|TOPIC ANALYSIS||BOOKS||INTERNET SOURCES||REVIEW|
"Leaving a sound environmental legacy depends upon the individual citizen's ability to understand how everyday choices, made by individuals, by families, and by businesses, affect the health of our current and future environment. As tradeoffs between environmental, social, and economic values become in sharper conflict and more substantial, each of us will be called upon to change the effects our activities have on the air, water, and land." By Tom Fitzsimmons, Director of Washington State Department of Ecology
The focus of my research project is Pollution on a Global scale. Mounting air pollution--Uncontrolled garbage--Water scarcity--Global climate change--Although global awareness of these issues is high, this awareness often does not translate into action. If your habits resemble those of average Americans, you generate about 4 pounds of solid trash per day, about 200 million tons per day and this just America. This adds up to big trouble for the environment. Americans are generating waste products faster than nature can break them down and using up resources faster than they can be replaced. How can we find ways to meet our current economic and social needs without compromising the ability of our children, and our children's children, to do the same? Our success will depend on understanding the difference between Sustainable practices: practices that provide ongoing economic and social benefits without degrading the environment, Unsustainable practices: "quick fixes" that fill an immediate need for resources. Over time, however, these practices deplete or damage natural resources so they cannot be used or enjoyed by future generations.
The average college student produces 640 pounds of solid waste each year, including 500 disposable cups and 320 pounds of paper. We generated 222 million tons of waste during the year 2000. Currently about 130 million tons of MSW ends up in landfills each year (NSWMA). In a recent survey of World Wastes subscribers, of those owning landfills, 53% expect their site to remain open 10+ years; 12% said 5 to 9 years; 7% reported 3 to 4 years and a whopping 26% said less than 3 years. It involves the use of composite liners and having an elaborate monitoring system. The costs of the regulations will result in a regionalized approach for volume-based business and a dramatic decrease of publicly owned facilities. It also specifies that landfill obtain an amount sufficient to close and cap the site and perform care and maintenance for 30 years after closure.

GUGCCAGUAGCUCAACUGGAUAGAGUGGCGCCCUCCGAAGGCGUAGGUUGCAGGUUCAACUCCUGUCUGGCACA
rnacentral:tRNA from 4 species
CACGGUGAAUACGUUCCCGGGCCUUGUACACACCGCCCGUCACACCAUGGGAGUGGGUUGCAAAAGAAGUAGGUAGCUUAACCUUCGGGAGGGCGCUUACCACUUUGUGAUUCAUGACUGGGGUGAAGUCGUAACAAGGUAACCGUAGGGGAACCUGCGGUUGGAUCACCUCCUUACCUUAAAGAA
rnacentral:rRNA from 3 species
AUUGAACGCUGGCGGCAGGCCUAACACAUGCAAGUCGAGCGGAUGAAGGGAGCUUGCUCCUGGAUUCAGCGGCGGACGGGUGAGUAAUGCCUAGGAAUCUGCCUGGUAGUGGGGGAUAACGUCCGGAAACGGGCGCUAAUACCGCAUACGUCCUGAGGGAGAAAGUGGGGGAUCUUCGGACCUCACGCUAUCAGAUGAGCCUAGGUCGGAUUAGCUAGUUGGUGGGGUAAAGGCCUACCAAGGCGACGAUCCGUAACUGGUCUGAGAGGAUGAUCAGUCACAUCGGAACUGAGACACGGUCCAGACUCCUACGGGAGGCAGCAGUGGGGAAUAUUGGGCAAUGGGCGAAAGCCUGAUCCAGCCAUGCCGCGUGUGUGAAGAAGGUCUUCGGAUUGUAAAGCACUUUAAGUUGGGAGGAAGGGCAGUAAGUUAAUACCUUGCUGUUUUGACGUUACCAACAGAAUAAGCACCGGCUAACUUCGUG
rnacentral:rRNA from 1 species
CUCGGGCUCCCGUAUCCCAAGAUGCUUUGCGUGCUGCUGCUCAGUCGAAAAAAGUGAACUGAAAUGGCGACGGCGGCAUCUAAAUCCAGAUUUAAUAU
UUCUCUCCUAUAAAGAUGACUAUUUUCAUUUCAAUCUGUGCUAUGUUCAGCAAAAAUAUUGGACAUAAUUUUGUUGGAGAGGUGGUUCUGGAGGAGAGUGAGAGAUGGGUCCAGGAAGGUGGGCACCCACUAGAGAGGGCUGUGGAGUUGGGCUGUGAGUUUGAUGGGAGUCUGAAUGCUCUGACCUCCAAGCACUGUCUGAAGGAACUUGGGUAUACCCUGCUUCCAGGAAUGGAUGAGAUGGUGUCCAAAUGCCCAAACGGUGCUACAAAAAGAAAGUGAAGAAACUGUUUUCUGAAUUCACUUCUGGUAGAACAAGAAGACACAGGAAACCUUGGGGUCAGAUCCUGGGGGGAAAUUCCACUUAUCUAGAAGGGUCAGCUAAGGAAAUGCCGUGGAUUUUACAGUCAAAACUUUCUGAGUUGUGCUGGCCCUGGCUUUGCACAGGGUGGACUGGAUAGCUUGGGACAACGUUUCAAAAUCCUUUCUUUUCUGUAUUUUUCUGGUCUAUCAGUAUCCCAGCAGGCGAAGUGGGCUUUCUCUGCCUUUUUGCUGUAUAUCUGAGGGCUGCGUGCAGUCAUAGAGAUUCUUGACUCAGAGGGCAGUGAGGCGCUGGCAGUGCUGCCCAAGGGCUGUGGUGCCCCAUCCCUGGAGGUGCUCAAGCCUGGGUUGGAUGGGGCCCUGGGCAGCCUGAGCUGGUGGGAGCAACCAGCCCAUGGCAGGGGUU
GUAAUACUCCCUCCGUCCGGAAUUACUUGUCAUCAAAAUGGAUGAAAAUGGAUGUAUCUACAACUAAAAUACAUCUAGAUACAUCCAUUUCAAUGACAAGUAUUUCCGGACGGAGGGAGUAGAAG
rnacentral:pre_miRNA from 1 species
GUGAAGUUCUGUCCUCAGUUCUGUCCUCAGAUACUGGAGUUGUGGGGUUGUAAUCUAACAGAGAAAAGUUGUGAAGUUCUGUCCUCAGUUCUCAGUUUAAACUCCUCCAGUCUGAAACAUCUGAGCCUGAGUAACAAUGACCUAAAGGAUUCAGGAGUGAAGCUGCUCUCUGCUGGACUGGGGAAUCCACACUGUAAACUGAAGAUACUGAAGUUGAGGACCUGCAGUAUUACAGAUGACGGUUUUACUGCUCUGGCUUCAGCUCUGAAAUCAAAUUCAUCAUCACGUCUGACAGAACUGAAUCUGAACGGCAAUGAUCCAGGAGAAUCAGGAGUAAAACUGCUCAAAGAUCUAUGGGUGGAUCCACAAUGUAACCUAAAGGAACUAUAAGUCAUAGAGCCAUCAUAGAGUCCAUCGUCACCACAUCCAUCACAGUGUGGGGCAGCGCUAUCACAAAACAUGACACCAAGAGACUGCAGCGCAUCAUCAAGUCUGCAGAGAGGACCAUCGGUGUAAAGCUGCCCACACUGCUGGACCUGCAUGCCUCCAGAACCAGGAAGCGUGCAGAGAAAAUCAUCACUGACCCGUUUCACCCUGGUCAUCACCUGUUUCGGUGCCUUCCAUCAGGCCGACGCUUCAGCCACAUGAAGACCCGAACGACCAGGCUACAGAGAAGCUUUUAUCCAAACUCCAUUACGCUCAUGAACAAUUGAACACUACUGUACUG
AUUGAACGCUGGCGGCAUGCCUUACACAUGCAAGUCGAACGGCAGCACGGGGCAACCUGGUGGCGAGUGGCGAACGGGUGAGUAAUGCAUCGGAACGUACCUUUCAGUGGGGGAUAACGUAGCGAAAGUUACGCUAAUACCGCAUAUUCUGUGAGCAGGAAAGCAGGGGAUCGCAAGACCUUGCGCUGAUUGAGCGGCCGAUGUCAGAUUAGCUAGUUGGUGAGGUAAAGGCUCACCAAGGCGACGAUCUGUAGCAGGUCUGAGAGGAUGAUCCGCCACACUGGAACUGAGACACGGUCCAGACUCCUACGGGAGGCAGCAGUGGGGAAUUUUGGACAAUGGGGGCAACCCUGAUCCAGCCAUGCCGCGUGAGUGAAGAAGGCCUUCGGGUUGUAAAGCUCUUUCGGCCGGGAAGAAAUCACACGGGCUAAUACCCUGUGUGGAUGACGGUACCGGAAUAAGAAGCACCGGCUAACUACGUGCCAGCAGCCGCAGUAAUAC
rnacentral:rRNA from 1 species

People can become ill through exposure to hazards in the environment. Many diseases are linked to environmental problems such as polluted drinking water, poor waste disposal and air and exposure to mosquitoes and other carriers of disease. Some pollutants, such as pesticides, traffic emissions and industrial solvents, are created by human activities. Others, including arsenic or ultraviolet radiation, occur naturally in the environment, although exposure can be made worse by human activities. These pollutants can undermine health in various ways, by causing diseases such as bronchitis or asthma, contributing to cancer or birth defects or perhaps by damaging the body's immune system, which makes people more susceptible to a variety of other health risks.
Greenpeace began in 1971 and is the leading independent campaigning organization that uses non-violent direct action and creative communication to expose global environmental problems and to promote solution that are essential to a green and peaceful future. For 30 years Greenpeace has tackled the most critical environmental issues. They have six main objects which are: Saving ancient forests, Stopping global warming, Exposing toxic menaces, Protecting our oceans, Eliminating the threat of genetic engineering and Ending the nuclear age.
720 H Street, NW Suite 300
Washington DC 20001
The mission of the Department of Ecology is to protect, preserve and enhance Washington's environment and promote the wise management of air, land, and water for the benefit of current and future generations. Some of the agencies primary functions are; Environmental Monitoring, Enforcement, Funding, Human Resource Management, and Natural Resources.
Washington State Department of Ecology
P.O. Box 47600
Olympia, Washington 98504
"Pollution" Britannica Online. Version 2000 Encyclopedia Britannica Opinion lab, Inc.1998-2000 http://www.britannica.com/eb/article?eu=117742&tocid=25556#25556.toc
There was no author credited with article. I found this article very informative on all subjects of pollution. Air pollution, climactic effects of pollution, radioactive contamination of the air, water pollution, land pollution, noise pollution, and chemical pollution. It gave breakdowns of the individual groups and stated what was within these groups that classified as pollution. It gave ecological considerations and some examples of ways of advanced planning. It also tells of some of things that we are now doing that can and will help with this potentially devastating problem of "Global Pollution."